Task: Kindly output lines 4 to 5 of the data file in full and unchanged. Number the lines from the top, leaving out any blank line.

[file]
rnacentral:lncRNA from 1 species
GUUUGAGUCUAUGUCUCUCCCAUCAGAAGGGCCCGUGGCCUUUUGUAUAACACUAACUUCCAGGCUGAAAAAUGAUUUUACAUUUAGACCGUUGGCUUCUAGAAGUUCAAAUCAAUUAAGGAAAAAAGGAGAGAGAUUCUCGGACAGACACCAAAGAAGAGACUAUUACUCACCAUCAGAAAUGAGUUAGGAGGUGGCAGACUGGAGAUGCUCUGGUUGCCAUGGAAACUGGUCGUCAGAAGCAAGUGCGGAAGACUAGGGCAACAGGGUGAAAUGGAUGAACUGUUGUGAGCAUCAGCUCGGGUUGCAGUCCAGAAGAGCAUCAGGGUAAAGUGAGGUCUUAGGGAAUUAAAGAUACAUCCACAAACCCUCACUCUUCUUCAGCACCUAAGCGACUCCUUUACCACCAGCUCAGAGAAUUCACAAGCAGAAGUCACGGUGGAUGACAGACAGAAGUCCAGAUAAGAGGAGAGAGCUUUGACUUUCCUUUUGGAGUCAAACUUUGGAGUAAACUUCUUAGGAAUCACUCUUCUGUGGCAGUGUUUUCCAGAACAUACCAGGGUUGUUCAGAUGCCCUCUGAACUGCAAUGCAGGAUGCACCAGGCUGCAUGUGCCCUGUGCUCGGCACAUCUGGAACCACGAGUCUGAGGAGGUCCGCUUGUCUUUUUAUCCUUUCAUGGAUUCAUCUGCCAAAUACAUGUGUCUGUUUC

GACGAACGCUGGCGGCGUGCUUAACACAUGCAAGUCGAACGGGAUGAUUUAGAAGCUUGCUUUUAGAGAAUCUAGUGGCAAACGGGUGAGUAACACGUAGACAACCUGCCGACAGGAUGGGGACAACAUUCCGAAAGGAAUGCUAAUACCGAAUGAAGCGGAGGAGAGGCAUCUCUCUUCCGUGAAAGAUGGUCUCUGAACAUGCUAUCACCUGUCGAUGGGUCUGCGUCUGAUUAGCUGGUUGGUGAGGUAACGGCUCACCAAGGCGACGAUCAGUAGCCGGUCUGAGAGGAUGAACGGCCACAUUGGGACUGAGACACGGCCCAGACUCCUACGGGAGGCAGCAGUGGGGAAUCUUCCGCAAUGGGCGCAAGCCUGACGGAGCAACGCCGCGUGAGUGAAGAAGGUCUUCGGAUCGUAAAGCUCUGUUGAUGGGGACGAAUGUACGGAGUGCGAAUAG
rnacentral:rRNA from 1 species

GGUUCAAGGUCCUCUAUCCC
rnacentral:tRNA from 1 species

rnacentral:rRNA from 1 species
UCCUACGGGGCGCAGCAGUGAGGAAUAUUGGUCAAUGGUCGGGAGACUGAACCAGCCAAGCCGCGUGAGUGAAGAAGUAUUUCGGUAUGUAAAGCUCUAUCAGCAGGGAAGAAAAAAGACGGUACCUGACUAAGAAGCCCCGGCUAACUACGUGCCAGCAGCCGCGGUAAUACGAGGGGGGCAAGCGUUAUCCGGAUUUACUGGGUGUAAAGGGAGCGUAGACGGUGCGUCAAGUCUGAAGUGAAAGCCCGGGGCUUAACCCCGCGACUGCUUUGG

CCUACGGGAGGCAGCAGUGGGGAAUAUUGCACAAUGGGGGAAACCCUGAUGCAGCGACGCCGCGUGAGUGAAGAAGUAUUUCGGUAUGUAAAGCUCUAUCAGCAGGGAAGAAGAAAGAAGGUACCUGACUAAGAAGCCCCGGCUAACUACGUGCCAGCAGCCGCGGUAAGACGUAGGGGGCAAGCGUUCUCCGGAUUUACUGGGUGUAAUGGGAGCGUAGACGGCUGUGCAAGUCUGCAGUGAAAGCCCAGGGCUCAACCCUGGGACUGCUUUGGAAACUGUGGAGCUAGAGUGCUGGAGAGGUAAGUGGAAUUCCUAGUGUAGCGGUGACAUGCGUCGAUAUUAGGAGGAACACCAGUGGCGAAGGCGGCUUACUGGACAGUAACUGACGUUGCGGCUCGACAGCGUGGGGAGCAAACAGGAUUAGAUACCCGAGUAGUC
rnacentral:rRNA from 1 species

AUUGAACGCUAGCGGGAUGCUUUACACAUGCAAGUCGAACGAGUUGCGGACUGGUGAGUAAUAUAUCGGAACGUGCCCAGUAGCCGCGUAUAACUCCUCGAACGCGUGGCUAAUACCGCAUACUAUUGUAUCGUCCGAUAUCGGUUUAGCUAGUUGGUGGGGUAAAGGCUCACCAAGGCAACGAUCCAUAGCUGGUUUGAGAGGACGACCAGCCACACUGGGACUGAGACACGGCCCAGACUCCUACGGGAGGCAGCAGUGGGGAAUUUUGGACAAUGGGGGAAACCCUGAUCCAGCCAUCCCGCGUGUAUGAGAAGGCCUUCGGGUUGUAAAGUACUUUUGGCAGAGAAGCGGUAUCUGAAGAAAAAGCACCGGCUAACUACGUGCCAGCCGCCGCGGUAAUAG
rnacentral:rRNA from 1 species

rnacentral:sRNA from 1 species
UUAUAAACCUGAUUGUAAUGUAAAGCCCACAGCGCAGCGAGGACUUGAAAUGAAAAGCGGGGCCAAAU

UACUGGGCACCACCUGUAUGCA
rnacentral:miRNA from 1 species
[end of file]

rnacentral:rRNA from 1 species

GGUUCAAGGUCCUCUAUCCC